Things You'll Need
Heavy-duty aluminum foil
Melted butter or olive oil
Halibut fillets or steaks
Both halibut and salmon are two popular fish entrees, and sometimes your family might demand both. The problem is that these fish cook differently because of their fat content. Halibut is a low-fat fish, with about 2 percent fat content; salmon, on the other hand, has about 12 percent fat content, one of the highest. Even though they cook differently, you can bake both fish together to save yourself time and work.
Purchase your fish, trying to keep the thickness of all the halibut even, and the thickness of all the salmon even. How long you cook a fish depends upon its thickness. For salmon, the rule of thumb is 10 minutes per inch in a 350-degree F oven. For halibut, it will take 14 minutes per inch of thickness at the same temperature.
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Use a ruler to measure the thickness of your halibut and your salmon. You'll need to calculate how long each fish will need to be in the oven. Usually, the halibut will need to go in first, the only exception being if the salmon is significantly thicker than the halibut cuts. To calculate, multiply the halibut measurement by 14 minutes, and the salmon measurement by 10 minutes, to find out how long each will need to cook. For example, if your halibut is 1 1/4 inches thick, you would calculate 1.25 X 14. The answer is 17.5, so your halibut needs to cook 17 1/2 minutes. If your salmon is 1 1/2 inches thick, multiply 1.5 X 10, and you would get the answer 15 minutes. Add an additional minute or two to the cooking time of the fish that goes into the oven first, to account for opening the oven and letting out the heat when you put in the salmon. So if your halibut needs to cook for 17 1/2 minutes, and you add 2 more minutes to allow for the heat release, that would make a total cooking time of 19 1/2 minutes for the halibut. You would put the salmon, which only needs 15 minutes in our example, in the oven approximately 4 1/2 minutes after putting in the halibut.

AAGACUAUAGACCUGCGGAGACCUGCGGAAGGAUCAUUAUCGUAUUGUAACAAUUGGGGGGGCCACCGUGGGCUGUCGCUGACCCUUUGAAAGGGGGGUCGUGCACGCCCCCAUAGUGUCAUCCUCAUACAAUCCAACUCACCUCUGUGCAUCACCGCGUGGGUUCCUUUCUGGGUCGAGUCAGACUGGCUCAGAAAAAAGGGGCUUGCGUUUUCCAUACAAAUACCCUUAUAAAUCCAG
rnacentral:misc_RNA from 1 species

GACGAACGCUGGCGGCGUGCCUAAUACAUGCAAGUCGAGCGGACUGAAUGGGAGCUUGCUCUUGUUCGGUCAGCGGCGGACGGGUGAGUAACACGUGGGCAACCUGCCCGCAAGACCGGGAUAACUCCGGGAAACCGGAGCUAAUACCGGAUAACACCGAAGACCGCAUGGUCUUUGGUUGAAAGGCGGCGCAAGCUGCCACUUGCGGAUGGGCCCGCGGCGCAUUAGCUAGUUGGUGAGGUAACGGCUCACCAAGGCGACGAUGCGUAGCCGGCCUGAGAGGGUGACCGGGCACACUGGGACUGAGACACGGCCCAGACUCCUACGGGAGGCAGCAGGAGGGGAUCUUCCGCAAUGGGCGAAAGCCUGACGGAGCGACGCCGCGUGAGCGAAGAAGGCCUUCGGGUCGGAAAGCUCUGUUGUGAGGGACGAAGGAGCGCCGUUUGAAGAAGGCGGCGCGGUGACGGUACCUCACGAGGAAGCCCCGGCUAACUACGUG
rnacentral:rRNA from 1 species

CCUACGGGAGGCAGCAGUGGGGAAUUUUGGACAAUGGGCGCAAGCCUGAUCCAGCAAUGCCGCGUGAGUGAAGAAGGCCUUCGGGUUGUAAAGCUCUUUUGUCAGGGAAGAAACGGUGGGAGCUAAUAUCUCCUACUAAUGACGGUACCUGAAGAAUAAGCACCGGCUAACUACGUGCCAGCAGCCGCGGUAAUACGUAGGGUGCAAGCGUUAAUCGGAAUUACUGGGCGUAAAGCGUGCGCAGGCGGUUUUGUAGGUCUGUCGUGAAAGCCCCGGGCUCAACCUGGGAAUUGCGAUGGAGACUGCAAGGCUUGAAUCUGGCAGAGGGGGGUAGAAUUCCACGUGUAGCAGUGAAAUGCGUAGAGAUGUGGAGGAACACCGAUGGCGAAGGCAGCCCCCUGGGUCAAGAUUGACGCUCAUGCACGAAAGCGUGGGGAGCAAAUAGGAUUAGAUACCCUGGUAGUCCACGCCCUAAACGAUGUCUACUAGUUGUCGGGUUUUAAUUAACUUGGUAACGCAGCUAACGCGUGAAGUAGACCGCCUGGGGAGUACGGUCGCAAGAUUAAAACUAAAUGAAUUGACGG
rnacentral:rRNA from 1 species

Preheat your oven to 350-degrees Fahrenheit. Set a large baking tray aside. Cut some pieces of heavy-duty aluminum foil, a little more than twice as big than each piece of fish. Lay each piece of fish on the sheet of aluminum foil.
Brush your fish with melted butter or olive oil on all exposed surfaces. Season each fish to your desired taste. You may wish to sprinkle only salt and pepper on them. Some other good options are lemon pepper seasoning, Old Bay seasoning, citrus slices or chopping some fresh dill to sprinkle on them.
Starting with the fish that is going into the oven first, fold each piece in its aluminum foil to create a pouch. Pinch the edges of the foil together along the top and each end, and fold the edges over to seal the pouch. Place these pieces on one side of the baking tray and place them in the oven. Be sure to note the time you put it in, and calculate how long before the rest of the fish will be put in the oven.
Fold the foil for the remaining pieces of fish into pouches. When it's time to put them into the oven, put on your oven mitts, take out the baking tray and rotate it around so that the edge that was in the front of the oven is now in the back of the oven. Place the second fish pouches onto the other side of the baking tray. Put them in the oven and cook for the length of time the second fish needs to cook.
Remove the baking tray from the oven and allow the fish to rest for a couple of minutes. When you open the pouches, steam will escape, so keep your head back and protect your hands with oven mitts. Use a spatula to transfer each piece of fish to its plate.